We present a data-driven approach that simultaneously solves inference problems and learns error structure and penalty parameters. We discuss theoretical properties of these joint problems, and present algorithms for their solution. We show numerical examples from the piecewise linear-quadratic (PLQ) family of penalties.
May 1, 2017, 4pm
Scott Roy, Department of Mathematics, University of Washington
Abstract: In a recent paper, Bubeck, Lee, and Singh introduced a new first order method for minimizing smooth strongly convex functions. Their geometric descent algorithm, largely inspired by the ellipsoid method, enjoys the optimal linear rate of convergence. We show that the same iterate sequence is generated by a scheme that in each iteration computes an optimal average of quadratic lower-models of the function. Indeed, the minimum of the averaged quadratic approaches the true minimum at an optimal rate. This intuitive viewpoint reveals clear connections to the original fast-gradient methods and cutting plane ideas, and leads to limited-memory extensions with improved performance.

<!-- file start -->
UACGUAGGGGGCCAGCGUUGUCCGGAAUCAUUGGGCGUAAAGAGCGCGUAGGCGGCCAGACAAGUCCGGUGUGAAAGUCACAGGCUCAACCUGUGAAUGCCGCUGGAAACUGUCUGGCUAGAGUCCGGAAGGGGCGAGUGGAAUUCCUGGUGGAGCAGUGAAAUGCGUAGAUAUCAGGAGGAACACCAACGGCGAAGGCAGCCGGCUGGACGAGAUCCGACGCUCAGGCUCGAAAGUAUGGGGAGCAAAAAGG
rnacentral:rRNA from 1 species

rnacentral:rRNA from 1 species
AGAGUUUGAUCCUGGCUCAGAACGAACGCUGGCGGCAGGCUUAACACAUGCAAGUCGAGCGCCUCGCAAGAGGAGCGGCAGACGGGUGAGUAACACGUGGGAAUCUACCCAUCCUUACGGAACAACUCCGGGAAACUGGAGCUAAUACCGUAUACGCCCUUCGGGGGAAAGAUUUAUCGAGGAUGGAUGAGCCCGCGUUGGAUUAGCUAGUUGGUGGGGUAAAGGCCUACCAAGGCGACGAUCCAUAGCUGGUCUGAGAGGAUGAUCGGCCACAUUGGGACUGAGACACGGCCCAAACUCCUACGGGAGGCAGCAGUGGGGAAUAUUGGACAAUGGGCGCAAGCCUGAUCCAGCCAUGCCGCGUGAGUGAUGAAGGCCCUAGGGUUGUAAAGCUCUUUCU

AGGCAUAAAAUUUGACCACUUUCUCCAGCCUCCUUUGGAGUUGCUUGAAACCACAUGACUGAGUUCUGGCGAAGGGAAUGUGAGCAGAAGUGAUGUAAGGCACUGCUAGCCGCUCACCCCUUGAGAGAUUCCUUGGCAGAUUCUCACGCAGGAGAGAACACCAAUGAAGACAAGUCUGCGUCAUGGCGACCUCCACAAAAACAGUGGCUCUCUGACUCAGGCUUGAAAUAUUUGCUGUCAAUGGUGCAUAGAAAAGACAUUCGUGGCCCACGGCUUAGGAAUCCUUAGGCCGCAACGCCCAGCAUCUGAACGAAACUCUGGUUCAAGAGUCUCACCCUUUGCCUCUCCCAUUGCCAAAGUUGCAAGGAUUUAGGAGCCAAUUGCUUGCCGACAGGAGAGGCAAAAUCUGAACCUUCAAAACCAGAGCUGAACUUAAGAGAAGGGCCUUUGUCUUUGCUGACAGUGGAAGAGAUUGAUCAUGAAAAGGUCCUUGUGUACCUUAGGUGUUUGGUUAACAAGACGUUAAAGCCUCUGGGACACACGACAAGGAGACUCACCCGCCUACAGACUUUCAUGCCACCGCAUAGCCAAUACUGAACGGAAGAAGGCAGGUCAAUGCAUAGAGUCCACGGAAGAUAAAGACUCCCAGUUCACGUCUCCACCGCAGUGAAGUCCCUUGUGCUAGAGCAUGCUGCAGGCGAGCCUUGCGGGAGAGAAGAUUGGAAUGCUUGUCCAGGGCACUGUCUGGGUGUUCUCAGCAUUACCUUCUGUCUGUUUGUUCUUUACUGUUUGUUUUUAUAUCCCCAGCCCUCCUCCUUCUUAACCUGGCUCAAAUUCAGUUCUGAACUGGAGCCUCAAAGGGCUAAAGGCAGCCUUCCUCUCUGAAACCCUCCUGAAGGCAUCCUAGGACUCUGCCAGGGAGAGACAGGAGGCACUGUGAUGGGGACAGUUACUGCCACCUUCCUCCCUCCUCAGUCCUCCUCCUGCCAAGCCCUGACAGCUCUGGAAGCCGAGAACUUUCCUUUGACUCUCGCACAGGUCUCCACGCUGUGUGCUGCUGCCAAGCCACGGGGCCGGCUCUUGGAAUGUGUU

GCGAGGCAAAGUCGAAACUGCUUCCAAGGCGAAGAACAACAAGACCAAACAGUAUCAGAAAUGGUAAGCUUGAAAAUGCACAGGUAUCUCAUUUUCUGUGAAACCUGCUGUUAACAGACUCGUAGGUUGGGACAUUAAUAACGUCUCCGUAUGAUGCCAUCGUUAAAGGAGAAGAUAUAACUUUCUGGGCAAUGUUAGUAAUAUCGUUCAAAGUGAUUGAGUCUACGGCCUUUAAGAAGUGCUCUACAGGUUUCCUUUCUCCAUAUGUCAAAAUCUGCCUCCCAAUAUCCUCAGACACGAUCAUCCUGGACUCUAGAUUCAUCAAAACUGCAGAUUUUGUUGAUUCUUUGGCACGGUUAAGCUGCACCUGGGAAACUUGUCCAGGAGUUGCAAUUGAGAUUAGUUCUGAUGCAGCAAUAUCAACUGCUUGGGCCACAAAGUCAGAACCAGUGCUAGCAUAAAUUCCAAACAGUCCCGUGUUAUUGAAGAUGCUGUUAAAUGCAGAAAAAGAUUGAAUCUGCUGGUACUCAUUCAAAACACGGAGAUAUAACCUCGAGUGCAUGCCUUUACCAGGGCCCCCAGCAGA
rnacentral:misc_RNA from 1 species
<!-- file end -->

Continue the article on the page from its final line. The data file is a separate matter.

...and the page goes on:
Joint work with Dmitriy Drusvyatskiy and Maryam Fazel.
Apr 25, 2017, 4pm
Andrew Pryhuber, Department of Mathematics, University of Washington
Abstract: Reconstruction of a 3D world point from $n\geq 2$ noisy 2D images is referred to as the triangulation problem and is fundamental in multi-view geometry. We show how this problem can be formulated as a quadratically constrained quadratic program and discuss an algorithm to construct candidate solutions. We also present a polynomial time test motivated by the underlying geometry of the triangulation problem to confirm optimality of such a solution. Based on work by Chris Aholt, Sameer Agarwal, and Rekha Thomas.
Tuesday, April 18, 2017
EEB 125, 4:00-5:00PM
Zaid Harchaoui, University of Washington
TITLE: Catalyst, Generic Acceleration Scheme for Gradient-based Optimization